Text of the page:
Nevertheless, non-coding RNAs, particularly, microRNAs are least explored in the neurogenic DG in the etiopathology of depression. Regardless, there are a few reports that suggest changes in the levels of some miRNAs in proliferation and differentiation of DG NSCs/progenitor cells (NPCs; Liu and Zhao, 2009; Szulwach et al., 2010; Kawahara et al., 2012; Oliver and Mandyam, 2018). We hypothesized alteration in the proteins involved in miRNA biogenesis in DG after CSDS. Two of these proteins, Drosha and DGCR8, are required for the cleavage of primary miRNA to precursor miRNA in the nucleus (Lee et al., 2003; Han et al., 2004) while Dicer is required for the cytoplasmic processing (Bernstein et al., 2001). We found changes in the expression of Drosha, which gave us a good rationale to perform miRNA arrays on the cells from the DG regions of the defeated and control mice. As CSDS is known to affect neurogenesis, we performed similar, experiments on proliferating and differentiating NSCs/NPCs derived from the DG of adult mice. The arrays uncovered numerous dysregulated miRNAs, wherein the most striking finding was of miR-30 family miRNAs. We also performed mRNA arrays to identify the genes through which specific miRNA-mRNA network might mediate the effects of CSDS on hippocampal neurogenesis. We report a novel function of miR-30 miRNAs in altered hippocampal neurogenesis in response to chronic stress. We also indicate few of the target genes through which these specific miRNAs might function and bring about neural and behavioral changes leading to depression, anxiety and related mood disorders.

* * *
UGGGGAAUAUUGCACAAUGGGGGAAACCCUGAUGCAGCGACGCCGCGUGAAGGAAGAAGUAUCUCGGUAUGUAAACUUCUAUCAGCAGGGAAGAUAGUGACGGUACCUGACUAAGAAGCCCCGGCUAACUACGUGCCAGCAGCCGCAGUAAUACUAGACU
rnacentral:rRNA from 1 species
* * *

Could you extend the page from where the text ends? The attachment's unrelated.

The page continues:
Materials and Methods

Animals

Age and weight-matched male C57BL/6-NCrl (will be called C57 henceforth) mice of 6–8 weeks age were used as experimental animals, whereas 6–8 months old, aggressive CD1 retired breeder males were used as resident mice or stressor in the social defeat experiment. All experiments were performed in accordance with standard protocols and procedures approved by the Institutional Animal Ethics Committee (IAEC) of the CSIR-Centre for Cellular and Molecular Biology (CCMB). Animals were maintained at 12 h/12 h light and dark cycle, 25°C ± 1°C temperature, 60% relative humidity and standard chow and water ad libitum.

Experimental Design and Statistical Analysis

The number of samples in each group for all the experiments is mentioned in the legends of the respective figures. Statistical analyses were performed using two-sample Student’s t-test and analysis of variance (ANOVA) for the behavioral experiments and two-sample t-tests for the quantitative PCR (q-PCR) experiments. “p” values for these tests are presented in the legends. A value of “p” less than 0.05 is considered to be significant.

Chronic Social Defeat Stress (CSDS)